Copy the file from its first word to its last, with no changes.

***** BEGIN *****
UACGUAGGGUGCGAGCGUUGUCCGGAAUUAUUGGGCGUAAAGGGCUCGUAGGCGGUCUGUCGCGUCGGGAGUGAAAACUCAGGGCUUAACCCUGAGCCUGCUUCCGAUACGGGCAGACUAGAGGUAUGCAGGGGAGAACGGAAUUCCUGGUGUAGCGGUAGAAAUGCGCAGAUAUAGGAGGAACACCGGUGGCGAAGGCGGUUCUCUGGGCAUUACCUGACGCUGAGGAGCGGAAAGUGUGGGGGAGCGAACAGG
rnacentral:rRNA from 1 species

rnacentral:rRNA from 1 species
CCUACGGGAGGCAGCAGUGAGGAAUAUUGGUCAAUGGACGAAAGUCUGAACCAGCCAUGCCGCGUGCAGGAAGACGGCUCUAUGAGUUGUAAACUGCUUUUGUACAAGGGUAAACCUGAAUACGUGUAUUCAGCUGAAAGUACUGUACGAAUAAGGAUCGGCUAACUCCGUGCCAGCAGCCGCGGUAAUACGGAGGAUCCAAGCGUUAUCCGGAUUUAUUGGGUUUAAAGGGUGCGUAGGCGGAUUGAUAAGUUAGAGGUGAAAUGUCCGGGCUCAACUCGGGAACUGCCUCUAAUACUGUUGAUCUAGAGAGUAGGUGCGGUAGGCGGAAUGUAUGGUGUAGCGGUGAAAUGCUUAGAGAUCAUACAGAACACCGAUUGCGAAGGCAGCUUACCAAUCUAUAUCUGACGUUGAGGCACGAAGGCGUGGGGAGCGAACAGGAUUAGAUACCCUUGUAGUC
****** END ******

UACGUAGGGUGCGAGCGUUGUCCGGAAUUAUUGGGCGUAAAGGGCUCGUAGGCGGUCUGUCGCGUCGGGAGUGAAAACUCAGGGCUUAACCCUGAGCCUGCUUCCGAUACGGGCAGACUAGAGGUAUGCAGGGGAGAACGGAAUUCCUGGUGUAGCGGUAGAAAUGCGCAGAUAUAGGAGGAACACCGGUGGCGAAGGCGGUUCUCUGGGCAUUACCUGACGCUGAGGAGCGGAAAGUGUGGGGGAGCGAACAGG
rnacentral:rRNA from 1 species

rnacentral:rRNA from 1 species
CCUACGGGAGGCAGCAGUGAGGAAUAUUGGUCAAUGGACGAAAGUCUGAACCAGCCAUGCCGCGUGCAGGAAGACGGCUCUAUGAGUUGUAAACUGCUUUUGUACAAGGGUAAACCUGAAUACGUGUAUUCAGCUGAAAGUACUGUACGAAUAAGGAUCGGCUAACUCCGUGCCAGCAGCCGCGGUAAUACGGAGGAUCCAAGCGUUAUCCGGAUUUAUUGGGUUUAAAGGGUGCGUAGGCGGAUUGAUAAGUUAGAGGUGAAAUGUCCGGGCUCAACUCGGGAACUGCCUCUAAUACUGUUGAUCUAGAGAGUAGGUGCGGUAGGCGGAAUGUAUGGUGUAGCGGUGAAAUGCUUAGAGAUCAUACAGAACACCGAUUGCGAAGGCAGCUUACCAAUCUAUAUCUGACGUUGAGGCACGAAGGCGUGGGGAGCGAACAGGAUUAGAUACCCUUGUAGUC